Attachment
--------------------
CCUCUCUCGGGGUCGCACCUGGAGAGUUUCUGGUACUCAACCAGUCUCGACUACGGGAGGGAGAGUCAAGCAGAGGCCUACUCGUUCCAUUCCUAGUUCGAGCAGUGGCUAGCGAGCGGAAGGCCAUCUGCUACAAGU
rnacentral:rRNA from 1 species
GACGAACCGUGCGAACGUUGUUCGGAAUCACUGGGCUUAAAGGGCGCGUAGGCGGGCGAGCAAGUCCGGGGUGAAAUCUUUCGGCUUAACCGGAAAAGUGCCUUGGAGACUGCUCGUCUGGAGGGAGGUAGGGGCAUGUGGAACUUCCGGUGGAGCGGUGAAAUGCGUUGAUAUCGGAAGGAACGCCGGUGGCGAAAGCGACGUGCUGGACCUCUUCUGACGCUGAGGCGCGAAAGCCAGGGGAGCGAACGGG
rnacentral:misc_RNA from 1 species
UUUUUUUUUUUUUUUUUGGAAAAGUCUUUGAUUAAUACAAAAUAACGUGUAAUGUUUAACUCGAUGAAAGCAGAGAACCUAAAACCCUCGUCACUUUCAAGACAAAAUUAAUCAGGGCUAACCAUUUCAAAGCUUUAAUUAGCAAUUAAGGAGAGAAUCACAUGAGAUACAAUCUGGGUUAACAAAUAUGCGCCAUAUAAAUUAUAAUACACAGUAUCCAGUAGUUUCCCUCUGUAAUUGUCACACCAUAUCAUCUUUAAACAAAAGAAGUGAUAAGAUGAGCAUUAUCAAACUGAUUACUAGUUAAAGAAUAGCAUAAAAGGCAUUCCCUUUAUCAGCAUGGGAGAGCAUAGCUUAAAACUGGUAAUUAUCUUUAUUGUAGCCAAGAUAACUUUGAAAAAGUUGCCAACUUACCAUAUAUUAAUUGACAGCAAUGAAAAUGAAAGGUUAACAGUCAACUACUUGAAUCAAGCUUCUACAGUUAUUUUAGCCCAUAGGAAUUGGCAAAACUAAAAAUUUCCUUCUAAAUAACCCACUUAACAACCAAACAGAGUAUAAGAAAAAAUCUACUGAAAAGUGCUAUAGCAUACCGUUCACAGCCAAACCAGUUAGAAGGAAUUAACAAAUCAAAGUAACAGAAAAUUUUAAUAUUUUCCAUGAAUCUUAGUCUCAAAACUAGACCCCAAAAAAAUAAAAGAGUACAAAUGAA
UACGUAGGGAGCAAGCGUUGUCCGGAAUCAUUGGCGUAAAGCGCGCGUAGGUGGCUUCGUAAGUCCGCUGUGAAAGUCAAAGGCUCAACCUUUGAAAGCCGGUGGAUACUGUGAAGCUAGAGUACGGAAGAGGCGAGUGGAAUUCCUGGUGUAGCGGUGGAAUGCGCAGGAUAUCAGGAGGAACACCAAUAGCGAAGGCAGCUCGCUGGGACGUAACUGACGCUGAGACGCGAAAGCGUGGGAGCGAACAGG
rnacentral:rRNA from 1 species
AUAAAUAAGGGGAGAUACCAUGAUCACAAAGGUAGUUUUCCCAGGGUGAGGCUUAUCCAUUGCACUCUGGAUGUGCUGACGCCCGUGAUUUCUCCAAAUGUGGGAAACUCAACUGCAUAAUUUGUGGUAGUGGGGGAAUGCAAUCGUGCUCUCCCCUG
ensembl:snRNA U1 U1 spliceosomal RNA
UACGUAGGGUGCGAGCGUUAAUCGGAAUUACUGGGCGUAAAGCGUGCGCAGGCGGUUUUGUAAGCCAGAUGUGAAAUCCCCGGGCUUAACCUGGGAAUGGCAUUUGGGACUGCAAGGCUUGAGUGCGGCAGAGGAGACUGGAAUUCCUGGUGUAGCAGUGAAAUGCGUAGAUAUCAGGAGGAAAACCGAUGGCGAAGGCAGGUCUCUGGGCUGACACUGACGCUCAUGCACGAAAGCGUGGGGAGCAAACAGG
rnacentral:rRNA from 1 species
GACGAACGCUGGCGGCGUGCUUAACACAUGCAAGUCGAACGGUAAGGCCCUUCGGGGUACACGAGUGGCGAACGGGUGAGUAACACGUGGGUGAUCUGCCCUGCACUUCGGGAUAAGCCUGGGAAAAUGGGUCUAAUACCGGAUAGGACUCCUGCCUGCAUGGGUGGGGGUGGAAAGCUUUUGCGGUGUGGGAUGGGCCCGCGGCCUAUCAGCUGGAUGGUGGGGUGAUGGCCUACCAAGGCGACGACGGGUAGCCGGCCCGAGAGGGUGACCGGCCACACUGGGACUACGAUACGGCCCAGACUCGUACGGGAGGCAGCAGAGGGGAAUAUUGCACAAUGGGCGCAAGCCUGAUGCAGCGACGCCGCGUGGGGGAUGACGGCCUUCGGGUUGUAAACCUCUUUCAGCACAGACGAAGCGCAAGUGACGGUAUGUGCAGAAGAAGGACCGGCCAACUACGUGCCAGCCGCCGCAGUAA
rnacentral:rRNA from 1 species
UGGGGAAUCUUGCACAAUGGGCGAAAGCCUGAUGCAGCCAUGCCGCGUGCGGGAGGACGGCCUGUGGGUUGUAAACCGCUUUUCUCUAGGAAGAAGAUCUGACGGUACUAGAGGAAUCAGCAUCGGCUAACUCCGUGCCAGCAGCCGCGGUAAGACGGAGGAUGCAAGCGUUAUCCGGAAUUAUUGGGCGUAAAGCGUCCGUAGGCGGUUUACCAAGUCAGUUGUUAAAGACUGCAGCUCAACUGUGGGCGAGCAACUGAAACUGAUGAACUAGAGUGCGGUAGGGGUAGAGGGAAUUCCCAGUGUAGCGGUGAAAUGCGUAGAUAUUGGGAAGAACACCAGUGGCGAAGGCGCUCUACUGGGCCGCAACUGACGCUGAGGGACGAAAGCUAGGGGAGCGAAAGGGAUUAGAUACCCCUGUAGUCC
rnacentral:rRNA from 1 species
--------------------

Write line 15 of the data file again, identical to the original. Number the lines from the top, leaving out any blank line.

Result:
rnacentral:rRNA from 1 species